It is also with great humility and pride for meto recognise two leaders who worked under Tambo as the ANC led the forces of revolution to topple the apartheid regime, to bring about the freedom that we enjoy today.The first person I want to recognise is a woman was a mother to many of us, a teacher and a protector, a woman whose valour in the struggle earned her the highest honour in the ANC: Isithwalandwe/Seaparankoe, Mme Gertie Shope, who, also, was awarded the OR Tambo Lifetime Achievement.
We also want to recognise a veteran of our struggle, Ntate Isaac Makopo, a trailblazer in the formation of Umkhonto we Sizwe. He served the country and its people with distinction and was honoured with the Order of Luthuli by our government.
For our part in the DOD I have instructed the Chief of the SANDF to appoint Mama Shope and Ntate Makopo as Honorary Colonels in the South African National Defence Force.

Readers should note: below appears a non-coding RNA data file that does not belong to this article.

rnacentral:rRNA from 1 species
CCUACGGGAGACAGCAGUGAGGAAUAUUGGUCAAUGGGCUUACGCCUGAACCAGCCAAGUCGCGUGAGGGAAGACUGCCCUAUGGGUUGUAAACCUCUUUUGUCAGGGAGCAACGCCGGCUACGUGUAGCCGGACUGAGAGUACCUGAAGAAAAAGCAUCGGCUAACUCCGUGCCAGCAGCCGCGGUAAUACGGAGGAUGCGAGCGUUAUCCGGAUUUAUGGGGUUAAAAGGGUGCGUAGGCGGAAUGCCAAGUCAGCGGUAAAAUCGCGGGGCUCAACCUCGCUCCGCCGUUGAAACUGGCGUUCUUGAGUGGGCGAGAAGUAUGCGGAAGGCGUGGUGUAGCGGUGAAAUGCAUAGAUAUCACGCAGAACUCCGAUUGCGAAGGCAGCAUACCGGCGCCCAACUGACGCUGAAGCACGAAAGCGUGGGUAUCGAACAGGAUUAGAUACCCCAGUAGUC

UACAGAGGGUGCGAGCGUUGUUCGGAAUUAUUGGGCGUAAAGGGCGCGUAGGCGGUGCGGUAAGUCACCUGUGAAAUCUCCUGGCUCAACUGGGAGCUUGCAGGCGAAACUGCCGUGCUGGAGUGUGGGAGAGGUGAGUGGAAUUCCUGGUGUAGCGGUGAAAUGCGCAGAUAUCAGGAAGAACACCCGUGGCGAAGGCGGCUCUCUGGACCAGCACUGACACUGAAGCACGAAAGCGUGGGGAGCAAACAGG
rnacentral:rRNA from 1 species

I invite you to support us as we link the celebration of Africa Day, to the significant role played by our men and women in uniform, in support of efforts to bring about and consolidate much needed peace, stability and conditions of safety, for all the people of the continent.
As a country, we have much to celebrate given the role that South Africa continues to play and the successes we score to bring about peace and stability in support of the continent’s collective efforts to create the necessary conditions for human development and betterment of all our people, as part of the Africa agenda. The role of the SANDF, recognised as a mid-wife for peace in the continent, has been integral in these efforts.
We are deeply encouraged by the levels of support and appreciation shown by our people towards the work of the SANDF. Testimony to this is the enthusiasm shown towards events such as the Armed Forces Day and the various exhibitions we hold annually.